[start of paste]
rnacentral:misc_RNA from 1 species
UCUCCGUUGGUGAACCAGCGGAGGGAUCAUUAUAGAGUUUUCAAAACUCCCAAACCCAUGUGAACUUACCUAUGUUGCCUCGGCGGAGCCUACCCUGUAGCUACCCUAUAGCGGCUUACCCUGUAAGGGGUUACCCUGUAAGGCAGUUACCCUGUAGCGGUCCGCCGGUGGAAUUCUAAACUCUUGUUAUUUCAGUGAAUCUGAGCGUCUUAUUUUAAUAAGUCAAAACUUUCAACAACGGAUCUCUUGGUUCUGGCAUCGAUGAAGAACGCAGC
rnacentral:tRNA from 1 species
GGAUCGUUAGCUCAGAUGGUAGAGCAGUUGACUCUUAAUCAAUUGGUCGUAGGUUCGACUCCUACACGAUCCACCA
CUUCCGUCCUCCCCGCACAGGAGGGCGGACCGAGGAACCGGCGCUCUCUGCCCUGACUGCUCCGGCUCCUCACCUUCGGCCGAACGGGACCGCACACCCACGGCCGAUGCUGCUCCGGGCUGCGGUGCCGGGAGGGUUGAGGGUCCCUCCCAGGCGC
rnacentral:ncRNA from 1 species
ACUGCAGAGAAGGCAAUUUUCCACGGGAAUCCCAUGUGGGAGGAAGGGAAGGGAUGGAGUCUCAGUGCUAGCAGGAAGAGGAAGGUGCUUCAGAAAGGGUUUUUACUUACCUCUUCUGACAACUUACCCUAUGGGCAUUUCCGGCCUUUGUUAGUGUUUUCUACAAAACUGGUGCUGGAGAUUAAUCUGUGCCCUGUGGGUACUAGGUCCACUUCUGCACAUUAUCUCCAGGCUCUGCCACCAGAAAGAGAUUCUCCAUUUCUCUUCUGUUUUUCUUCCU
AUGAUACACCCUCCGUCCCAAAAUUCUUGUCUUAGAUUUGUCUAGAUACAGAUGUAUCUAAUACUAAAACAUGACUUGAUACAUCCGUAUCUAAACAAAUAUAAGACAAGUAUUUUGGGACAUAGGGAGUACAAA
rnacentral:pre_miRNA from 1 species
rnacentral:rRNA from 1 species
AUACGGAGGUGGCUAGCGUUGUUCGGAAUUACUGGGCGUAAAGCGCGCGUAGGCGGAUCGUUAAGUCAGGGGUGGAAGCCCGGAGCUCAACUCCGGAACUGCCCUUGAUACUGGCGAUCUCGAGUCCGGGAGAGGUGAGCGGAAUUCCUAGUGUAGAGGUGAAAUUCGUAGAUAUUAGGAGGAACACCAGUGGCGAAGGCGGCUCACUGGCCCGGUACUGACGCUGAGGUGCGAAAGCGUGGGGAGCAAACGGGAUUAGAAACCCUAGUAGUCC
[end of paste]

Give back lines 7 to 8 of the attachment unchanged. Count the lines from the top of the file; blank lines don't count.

ACUGCAGAGAAGGCAAUUUUCCACGGGAAUCCCAUGUGGGAGGAAGGGAAGGGAUGGAGUCUCAGUGCUAGCAGGAAGAGGAAGGUGCUUCAGAAAGGGUUUUUACUUACCUCUUCUGACAACUUACCCUAUGGGCAUUUCCGGCCUUUGUUAGUGUUUUCUACAAAACUGGUGCUGGAGAUUAAUCUGUGCCCUGUGGGUACUAGGUCCACUUCUGCACAUUAUCUCCAGGCUCUGCCACCAGAAAGAGAUUCUCCAUUUCUCUUCUGUUUUUCUUCCU
AUGAUACACCCUCCGUCCCAAAAUUCUUGUCUUAGAUUUGUCUAGAUACAGAUGUAUCUAAUACUAAAACAUGACUUGAUACAUCCGUAUCUAAACAAAUAUAAGACAAGUAUUUUGGGACAUAGGGAGUACAAA